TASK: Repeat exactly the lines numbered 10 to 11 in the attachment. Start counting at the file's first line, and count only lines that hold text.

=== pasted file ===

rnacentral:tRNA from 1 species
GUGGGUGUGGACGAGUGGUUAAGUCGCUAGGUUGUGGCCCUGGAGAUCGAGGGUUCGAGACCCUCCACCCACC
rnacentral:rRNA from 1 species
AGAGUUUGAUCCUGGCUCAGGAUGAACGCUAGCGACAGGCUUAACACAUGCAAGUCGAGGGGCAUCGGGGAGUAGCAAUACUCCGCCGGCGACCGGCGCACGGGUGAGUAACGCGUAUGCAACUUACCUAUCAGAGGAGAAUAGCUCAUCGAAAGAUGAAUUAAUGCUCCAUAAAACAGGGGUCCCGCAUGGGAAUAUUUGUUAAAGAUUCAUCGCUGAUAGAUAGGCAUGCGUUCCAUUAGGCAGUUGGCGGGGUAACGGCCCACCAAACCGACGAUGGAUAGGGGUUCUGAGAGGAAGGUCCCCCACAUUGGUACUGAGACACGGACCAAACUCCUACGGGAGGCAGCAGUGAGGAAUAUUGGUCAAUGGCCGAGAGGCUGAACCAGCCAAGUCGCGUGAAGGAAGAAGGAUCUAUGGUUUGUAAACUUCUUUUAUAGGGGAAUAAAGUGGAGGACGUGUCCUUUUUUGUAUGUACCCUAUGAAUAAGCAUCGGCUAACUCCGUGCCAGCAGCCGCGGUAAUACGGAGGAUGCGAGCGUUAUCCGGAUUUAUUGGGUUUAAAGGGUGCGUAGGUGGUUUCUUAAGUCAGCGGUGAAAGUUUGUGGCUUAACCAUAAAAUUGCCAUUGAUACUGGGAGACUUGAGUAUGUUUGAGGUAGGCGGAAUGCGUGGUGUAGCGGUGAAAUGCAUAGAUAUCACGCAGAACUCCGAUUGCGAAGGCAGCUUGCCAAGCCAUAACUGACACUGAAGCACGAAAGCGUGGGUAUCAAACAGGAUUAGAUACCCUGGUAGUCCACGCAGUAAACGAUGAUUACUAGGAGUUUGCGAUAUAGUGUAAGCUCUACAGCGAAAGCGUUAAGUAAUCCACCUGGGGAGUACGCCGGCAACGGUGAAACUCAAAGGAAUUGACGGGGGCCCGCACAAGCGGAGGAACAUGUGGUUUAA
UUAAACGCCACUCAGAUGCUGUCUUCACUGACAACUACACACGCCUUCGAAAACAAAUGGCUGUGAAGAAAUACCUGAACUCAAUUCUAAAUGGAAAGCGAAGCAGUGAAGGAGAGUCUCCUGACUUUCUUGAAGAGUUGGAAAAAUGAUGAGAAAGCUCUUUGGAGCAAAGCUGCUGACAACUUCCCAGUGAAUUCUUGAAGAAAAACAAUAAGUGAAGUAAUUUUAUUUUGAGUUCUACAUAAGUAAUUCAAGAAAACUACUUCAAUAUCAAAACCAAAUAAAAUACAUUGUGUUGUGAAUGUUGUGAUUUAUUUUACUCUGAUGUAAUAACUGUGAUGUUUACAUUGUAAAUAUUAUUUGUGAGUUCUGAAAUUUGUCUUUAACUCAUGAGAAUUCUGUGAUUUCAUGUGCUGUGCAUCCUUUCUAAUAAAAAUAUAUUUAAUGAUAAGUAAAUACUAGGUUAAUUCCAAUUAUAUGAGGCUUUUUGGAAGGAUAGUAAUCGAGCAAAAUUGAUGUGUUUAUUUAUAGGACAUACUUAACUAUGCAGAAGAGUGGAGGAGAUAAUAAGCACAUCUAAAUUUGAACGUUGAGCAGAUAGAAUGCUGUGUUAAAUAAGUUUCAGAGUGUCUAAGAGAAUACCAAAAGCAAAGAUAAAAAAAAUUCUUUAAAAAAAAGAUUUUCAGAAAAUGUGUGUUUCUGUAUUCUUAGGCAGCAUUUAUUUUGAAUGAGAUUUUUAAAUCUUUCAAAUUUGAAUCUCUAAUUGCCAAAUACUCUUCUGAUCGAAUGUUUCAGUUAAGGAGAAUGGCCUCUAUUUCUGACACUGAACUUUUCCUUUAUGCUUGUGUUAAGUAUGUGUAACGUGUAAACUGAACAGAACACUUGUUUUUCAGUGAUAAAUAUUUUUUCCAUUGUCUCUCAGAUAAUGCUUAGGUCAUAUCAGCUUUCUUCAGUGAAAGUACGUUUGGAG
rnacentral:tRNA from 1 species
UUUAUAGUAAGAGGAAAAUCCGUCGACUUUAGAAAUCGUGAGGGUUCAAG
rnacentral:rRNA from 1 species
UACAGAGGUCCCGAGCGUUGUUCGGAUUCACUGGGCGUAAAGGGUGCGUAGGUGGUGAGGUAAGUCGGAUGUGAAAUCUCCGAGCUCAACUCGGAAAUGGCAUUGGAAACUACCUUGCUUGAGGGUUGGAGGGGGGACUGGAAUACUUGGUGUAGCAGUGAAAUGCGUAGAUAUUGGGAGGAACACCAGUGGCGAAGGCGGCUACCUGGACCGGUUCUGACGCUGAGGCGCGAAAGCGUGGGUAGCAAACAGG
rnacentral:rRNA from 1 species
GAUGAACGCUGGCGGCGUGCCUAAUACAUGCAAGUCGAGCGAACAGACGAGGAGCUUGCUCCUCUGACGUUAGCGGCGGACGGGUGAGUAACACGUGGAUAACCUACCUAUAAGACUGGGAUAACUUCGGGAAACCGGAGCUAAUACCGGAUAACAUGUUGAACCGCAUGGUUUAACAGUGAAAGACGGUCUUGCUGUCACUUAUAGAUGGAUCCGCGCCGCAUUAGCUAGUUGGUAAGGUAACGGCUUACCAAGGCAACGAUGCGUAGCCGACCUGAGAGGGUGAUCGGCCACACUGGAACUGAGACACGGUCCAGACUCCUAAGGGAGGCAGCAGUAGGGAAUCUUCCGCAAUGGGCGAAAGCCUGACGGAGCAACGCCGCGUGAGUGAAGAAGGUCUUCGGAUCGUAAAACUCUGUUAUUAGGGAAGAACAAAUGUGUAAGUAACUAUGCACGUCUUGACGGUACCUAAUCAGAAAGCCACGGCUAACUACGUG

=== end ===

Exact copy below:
rnacentral:rRNA from 1 species
GAUGAACGCUGGCGGCGUGCCUAAUACAUGCAAGUCGAGCGAACAGACGAGGAGCUUGCUCCUCUGACGUUAGCGGCGGACGGGUGAGUAACACGUGGAUAACCUACCUAUAAGACUGGGAUAACUUCGGGAAACCGGAGCUAAUACCGGAUAACAUGUUGAACCGCAUGGUUUAACAGUGAAAGACGGUCUUGCUGUCACUUAUAGAUGGAUCCGCGCCGCAUUAGCUAGUUGGUAAGGUAACGGCUUACCAAGGCAACGAUGCGUAGCCGACCUGAGAGGGUGAUCGGCCACACUGGAACUGAGACACGGUCCAGACUCCUAAGGGAGGCAGCAGUAGGGAAUCUUCCGCAAUGGGCGAAAGCCUGACGGAGCAACGCCGCGUGAGUGAAGAAGGUCUUCGGAUCGUAAAACUCUGUUAUUAGGGAAGAACAAAUGUGUAAGUAACUAUGCACGUCUUGACGGUACCUAAUCAGAAAGCCACGGCUAACUACGUG